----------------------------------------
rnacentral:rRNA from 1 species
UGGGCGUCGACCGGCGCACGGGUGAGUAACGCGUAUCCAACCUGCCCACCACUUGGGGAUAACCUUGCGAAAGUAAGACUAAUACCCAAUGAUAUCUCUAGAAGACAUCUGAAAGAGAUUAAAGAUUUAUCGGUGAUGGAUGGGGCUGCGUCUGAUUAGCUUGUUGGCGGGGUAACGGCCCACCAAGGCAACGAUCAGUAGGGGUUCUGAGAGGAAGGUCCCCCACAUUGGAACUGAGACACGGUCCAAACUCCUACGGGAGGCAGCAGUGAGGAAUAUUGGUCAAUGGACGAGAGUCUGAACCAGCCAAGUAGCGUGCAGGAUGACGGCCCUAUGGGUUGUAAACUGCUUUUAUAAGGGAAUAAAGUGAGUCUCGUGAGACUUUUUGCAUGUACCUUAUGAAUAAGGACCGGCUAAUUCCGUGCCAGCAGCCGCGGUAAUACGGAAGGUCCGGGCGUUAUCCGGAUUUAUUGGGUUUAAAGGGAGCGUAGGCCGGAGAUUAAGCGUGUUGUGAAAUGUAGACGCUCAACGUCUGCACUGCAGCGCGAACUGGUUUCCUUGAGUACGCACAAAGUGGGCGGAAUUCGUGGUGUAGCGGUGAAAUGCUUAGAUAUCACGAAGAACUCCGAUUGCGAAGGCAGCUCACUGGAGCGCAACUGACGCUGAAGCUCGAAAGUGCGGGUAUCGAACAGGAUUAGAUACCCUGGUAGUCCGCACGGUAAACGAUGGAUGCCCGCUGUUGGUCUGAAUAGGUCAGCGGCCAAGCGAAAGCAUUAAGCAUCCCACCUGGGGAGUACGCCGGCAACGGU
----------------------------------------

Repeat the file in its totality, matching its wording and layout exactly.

rnacentral:rRNA from 1 species
UGGGCGUCGACCGGCGCACGGGUGAGUAACGCGUAUCCAACCUGCCCACCACUUGGGGAUAACCUUGCGAAAGUAAGACUAAUACCCAAUGAUAUCUCUAGAAGACAUCUGAAAGAGAUUAAAGAUUUAUCGGUGAUGGAUGGGGCUGCGUCUGAUUAGCUUGUUGGCGGGGUAACGGCCCACCAAGGCAACGAUCAGUAGGGGUUCUGAGAGGAAGGUCCCCCACAUUGGAACUGAGACACGGUCCAAACUCCUACGGGAGGCAGCAGUGAGGAAUAUUGGUCAAUGGACGAGAGUCUGAACCAGCCAAGUAGCGUGCAGGAUGACGGCCCUAUGGGUUGUAAACUGCUUUUAUAAGGGAAUAAAGUGAGUCUCGUGAGACUUUUUGCAUGUACCUUAUGAAUAAGGACCGGCUAAUUCCGUGCCAGCAGCCGCGGUAAUACGGAAGGUCCGGGCGUUAUCCGGAUUUAUUGGGUUUAAAGGGAGCGUAGGCCGGAGAUUAAGCGUGUUGUGAAAUGUAGACGCUCAACGUCUGCACUGCAGCGCGAACUGGUUUCCUUGAGUACGCACAAAGUGGGCGGAAUUCGUGGUGUAGCGGUGAAAUGCUUAGAUAUCACGAAGAACUCCGAUUGCGAAGGCAGCUCACUGGAGCGCAACUGACGCUGAAGCUCGAAAGUGCGGGUAUCGAACAGGAUUAGAUACCCUGGUAGUCCGCACGGUAAACGAUGGAUGCCCGCUGUUGGUCUGAAUAGGUCAGCGGCCAAGCGAAAGCAUUAAGCAUCCCACCUGGGGAGUACGCCGGCAACGGU